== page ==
After waging a verbal war with NCP chief Sharad Pawar during the first two days of his Maharashtra campaign, Prime Minister Narendra Modi will now head towards Baramati, the Pawar family’s bastion, where he will address a rally on Thursday, October 9. On the same day, Modi will visit Pimpri-Chinchwad, another Pawar stronghold as the NCP has been in control of the local civic body for over a decade now. BJP leaders said the party was going all out to cause a dent in Pawar’s forts.
When Modi holds his first rally in Baramati on October 9, it will also be the first time when a prime minister will be addressing a public meeting there in 34 years. Last time a PM made it to Baramati was in 1980 when Indira Gandhi campaigned for Congress (I) candidate Marutrao Chopde. “Indira Gandhi had come to campaign against Sharad Pawar who was then the head of Congress (S). Gandhi’s campaigning had no effect as Pawar saheb was elected with a huge margin,” said Kiran Gujar, who has been a close associate of Pawar for over four decades. Pawar had polled 54,919 votes while his rival could manage only 26,550 votes. As many as 1,838 votes were invalid. Pawar was contesting the Assembly elections that time.
On October 9, Modi will address a rally at the HA ground in Pimpri. The last time a PM visited the industrial town of Pimpri-Chinchwad was in 1984 when Rajiv Gandhi had addressed a rally at Sangvi Keshri college grounds in Chinchwad.
“There was a huge crowd in attendance at Rajiv’s rally,” recalled Babu Nair, a Congress leader. Gandhi had come to campaign for Congress candidate Shankarrao Bajirao Patil, who was contesting from Baramati Parliamentary constituency. Pimpri-Chinchwad was then part of the Baramati constituency. Now, it is part of Maval.
The massive turnout, however, did not translate into votes for the Congress candidate who lost by a margin of over 1,40,000 votes to Pawar. Shankarrao Bajirao Patil was the father of Congress leader Harshvardhan Patil.
BJP’s Bhosari candidate Eknath Pawar said the PM’s rally would swing votes heavily in favour of the two BJP candidates and one alliance candidate in Pimpri-Chinchwad. “We are all looking forward to the rally as it will be the first of its kind by any prime minister,” he said.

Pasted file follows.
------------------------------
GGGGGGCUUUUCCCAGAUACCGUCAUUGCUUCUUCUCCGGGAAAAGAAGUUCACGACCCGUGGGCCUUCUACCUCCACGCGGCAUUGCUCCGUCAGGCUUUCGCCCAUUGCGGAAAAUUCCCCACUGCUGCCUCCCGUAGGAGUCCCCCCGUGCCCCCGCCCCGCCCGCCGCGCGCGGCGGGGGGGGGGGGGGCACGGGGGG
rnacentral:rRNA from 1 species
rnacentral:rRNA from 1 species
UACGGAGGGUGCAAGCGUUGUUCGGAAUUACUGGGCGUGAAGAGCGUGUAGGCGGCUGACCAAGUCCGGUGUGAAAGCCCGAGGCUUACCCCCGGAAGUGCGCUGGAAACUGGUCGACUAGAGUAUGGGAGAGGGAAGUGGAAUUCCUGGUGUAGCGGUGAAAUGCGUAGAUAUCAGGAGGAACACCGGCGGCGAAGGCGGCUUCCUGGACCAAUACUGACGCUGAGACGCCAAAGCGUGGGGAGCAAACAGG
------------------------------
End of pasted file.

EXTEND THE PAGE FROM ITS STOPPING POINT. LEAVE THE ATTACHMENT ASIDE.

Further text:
The NCP, however, said the rallies would not make any difference to the party. “It did not make a difference to Pawar forts then and it will not make a difference even today,” said Gujar.
Yogesh Behl, the Pimpri-Chinchwad NCP president who is considered the right hand man of Ajit Pawar, said: “Supriya Sule (Pawar’s daughter) had led by a margin of 70,000 votes in Baramati Lok Sabha seat during the recent polls. Therefore, there is nothing to worry… Baramati seat is safe. Even otherwise, Ajit Pawar has no time to campaign in Baramati as he will be busy campaigning for other seats. It shows the confidence the leader has in his voters.”
Behl said NCP’s Bhosari candidate Vilas Lande had won twice and was poised for a third victory. “Similarly, Pimpri candidate Anna Bansode has no threat whatsoever as the candidates against him are very weak,” he said.
BJP has Laxman Jagtap contesting from Chinchwad seat and Eknath Pawar from Bhosari. It has allotted the Pimpri (Reserved) seat to its alliance partner RPI (A), which has fielded Chandrakanta Sonkamble. The Jagtap camp said Modi’s rally was “very significant” in view of the fact that Pawars had not been able to stop the drive against illegal constructions launched by PCMC. “We are looking forward to some kind of announcement by the prime minister in this connection,” said Seema Savle, an associate of Jagtap.
Political parties have, however, questioned the venue of the rally, HA ground, Pimpri. The ground comes under the Pimpri (Reserved) seat where the BJP has no candidate. “BJP aspirant Amar Sable was a strong contender for the seat. However, BJP gave the seat to its alliance partner,” said Babu Nair. BJP leaders said the venue was chosen as it was at the centre of the three constituencies.
Also, the capacity of the ground does not go beyond 50,000 whereas Modi has been drawing crowds beyond 1 lakh.